Live Review: Public Service Broadcasting – Liverpool Olympia – 12/04/18

It is perhaps significant that before Public Service Broadcasting arrive on stage in Liverpool this evening we are treated to David Bowie‘s iconic hit, ‘Sound and Vision’. It’s worthy of attention because if you had to describe what kind of live experience a PSB virgin could expect, you may describe it as a collision of these two words. True to form then, the concert tonight is exactly that; we are treated to a stirring visual collage throughout the show, projected on to several large screens that enhance the musical compositions that are equally exhilarating and heartening and ultimately completely uplifting.

The evening begins in subtle fashion after the symbolic Bowie track has concluded. The tender strings of ‘Every Valley’ begin to swell and the band gradually emerge from the rear of the stage as several large miner’s lamps slowly descend from the high ceiling of the substantial stage in Liverpool’s historic Olympia venue. Richard Burton’s rich and dignified voice emerges from the shadows, providing an elysian vision of a South Wales community that only exists now in the memory, lending the moment a cinematic quality that live music rarely achieves.

The current tour took in North America, mainland Europe and the UK before the band put the breaks on over the winter. Returning a few months later, the band are still celebrating the critical success of their third album Every Valley, which provides a distinct and gripping narrative of the rise and fall of the South Wales mining industry. The setlist this evening therefore copies the opening structure of the record and when ‘The Pit’ follows, the stage come alive. Large mineheads frame each side of the stage and archive footage presents the optimism, danger and spirit of the industry that the track inherently conveys, and J Willgoose Esq. and company craft a jagged but hopeful musical experience to accompany these themes.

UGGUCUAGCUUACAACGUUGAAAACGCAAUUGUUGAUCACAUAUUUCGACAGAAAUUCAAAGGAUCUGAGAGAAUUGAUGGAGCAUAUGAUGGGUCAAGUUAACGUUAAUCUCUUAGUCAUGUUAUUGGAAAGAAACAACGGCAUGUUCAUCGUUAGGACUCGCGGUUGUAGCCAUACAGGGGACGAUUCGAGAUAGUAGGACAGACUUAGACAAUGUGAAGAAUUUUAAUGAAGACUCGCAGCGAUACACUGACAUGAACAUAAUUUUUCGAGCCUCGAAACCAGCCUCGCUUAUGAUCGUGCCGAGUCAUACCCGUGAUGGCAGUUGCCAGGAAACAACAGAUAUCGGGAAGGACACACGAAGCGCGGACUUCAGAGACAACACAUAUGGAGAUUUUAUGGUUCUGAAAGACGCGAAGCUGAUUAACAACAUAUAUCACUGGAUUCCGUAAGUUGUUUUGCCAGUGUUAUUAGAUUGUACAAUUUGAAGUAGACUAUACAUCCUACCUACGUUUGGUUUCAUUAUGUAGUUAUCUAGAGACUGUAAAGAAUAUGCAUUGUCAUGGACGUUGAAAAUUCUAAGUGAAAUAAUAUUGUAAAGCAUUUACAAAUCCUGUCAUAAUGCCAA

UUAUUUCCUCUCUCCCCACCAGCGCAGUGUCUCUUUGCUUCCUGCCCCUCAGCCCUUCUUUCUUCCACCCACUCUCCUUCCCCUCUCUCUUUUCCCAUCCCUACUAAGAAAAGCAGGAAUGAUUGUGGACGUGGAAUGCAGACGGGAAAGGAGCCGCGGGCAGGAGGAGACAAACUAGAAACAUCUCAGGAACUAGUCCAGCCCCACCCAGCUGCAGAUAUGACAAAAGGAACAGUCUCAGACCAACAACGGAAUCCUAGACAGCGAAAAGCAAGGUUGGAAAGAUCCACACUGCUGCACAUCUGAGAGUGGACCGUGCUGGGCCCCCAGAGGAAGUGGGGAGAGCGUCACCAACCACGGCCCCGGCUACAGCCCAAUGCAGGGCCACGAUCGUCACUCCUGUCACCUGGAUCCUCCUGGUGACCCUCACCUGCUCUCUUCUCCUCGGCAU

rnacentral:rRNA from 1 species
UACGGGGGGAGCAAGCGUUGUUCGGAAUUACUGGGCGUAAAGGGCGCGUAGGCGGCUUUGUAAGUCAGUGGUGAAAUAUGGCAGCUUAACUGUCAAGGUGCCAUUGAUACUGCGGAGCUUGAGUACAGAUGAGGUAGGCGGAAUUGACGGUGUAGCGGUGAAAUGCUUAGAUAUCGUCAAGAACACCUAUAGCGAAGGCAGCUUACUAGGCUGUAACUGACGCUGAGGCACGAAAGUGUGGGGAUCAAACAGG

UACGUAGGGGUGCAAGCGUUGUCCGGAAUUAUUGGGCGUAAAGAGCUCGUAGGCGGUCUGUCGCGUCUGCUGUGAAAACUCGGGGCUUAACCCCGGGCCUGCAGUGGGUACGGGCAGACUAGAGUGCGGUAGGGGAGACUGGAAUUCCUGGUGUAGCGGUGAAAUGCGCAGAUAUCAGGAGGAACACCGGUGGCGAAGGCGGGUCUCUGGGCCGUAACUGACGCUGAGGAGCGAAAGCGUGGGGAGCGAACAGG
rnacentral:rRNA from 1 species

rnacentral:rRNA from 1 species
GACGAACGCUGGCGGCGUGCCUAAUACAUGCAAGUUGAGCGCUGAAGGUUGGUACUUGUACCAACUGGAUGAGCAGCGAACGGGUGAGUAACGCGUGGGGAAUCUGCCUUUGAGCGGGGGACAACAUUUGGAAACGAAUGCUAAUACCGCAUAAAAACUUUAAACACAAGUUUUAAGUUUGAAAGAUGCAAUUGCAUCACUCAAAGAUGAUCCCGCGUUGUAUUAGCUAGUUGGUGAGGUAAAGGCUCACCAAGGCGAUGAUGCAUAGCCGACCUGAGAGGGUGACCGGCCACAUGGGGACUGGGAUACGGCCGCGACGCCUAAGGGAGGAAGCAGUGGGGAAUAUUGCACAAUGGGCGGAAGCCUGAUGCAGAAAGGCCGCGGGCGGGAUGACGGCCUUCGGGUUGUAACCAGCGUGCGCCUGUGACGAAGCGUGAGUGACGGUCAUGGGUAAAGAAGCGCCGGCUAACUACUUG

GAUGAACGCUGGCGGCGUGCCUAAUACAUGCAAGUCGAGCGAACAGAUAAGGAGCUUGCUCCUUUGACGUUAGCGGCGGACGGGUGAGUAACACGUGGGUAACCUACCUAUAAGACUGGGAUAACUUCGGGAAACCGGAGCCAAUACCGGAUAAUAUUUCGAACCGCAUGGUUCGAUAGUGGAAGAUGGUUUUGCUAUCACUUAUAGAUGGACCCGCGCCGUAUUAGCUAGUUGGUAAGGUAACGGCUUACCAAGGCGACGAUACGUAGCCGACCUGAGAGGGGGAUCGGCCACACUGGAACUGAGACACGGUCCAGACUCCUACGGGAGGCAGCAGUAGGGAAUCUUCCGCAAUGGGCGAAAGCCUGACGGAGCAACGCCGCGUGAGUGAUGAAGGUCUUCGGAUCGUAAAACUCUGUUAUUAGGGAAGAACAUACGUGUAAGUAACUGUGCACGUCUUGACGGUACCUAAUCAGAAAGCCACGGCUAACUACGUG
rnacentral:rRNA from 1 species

This buoyant narrative continues with ‘People Will Always Need Coal’. There’s no attitude on display here. This isn’t about fitting into a genre. Fundamentally, Public Service Broadcasting are storytellers and sometimes you forget this is a concert because the story is so engrossing. This track marks the disequilibrium of the record’s narrative and the band wisely step towards older material from first album Inform – Educate – Entertain before the evocative story reaches its apex too soon. Instead, we’re reminded of why PSB emerged as such a thrilling alternative on the British music scene with the savage ‘Signal 30’ before the electronic beats of ‘Night Mail’ subtly contrast with the steam age presented on the large screens. Like many PSB tracks, there is a moment when a song reaches a tense musical peak before clattering down towards its conclusion; this track is blessed with a wonderfully satisfying example when the band seem to combine with absolute clarity to provide a thrilling conclusion to a song that has been shaken up ever so slightly.

‘E.V.A’ and ‘Korolev’ provide a reminder of the band’s previous record before we return to South Wales with the help of Derbyshire trio Haiku Salut. The band always seem to produce one track that has the ability to have a truly emotional impact on the listener. On the latest album it’s ‘They Gave Me a Lamp’ which charts the experience of women during the industrial unrest in the region. Combining the evocative narration of local woman, Margaret Donovan, with Haiku Salut’s tender instrumentation and vocals is an incredibly moving concoction this evening and this more gentle aspect of the concert continues with ‘You + Me’ and ‘Progress’. Lisa Jen provides female vocals on both tracks and although they are perfect for the former, the latter lacks the spirit that exists on record and the song’s chorus sadly gets lost amidst the multi-textured melodies.

From this point onwards, the pace and spirit increases, although the cinematic visuals never abate. ‘Spitfire’ thrills in its celebration of endeavour and ‘The Other Side’ achieves similar results but in more subtle, cinematic tones before ‘Go’ allows the supportive crowd to have a bit of a singalong as well.

Ultimately, the evening is all about emotion and the encore embodies this concept brilliantly. ‘All Out’ is full of anger, ‘Gagarin’ is a joyful release full of swinging horns and leaping astronauts and ‘Everest’ is full of an awe-inspiring spiritual majesty – this sentiment inherent in all three songs pretty much sums up the creative experience this evening in Liverpool.



Photos: Iain Fox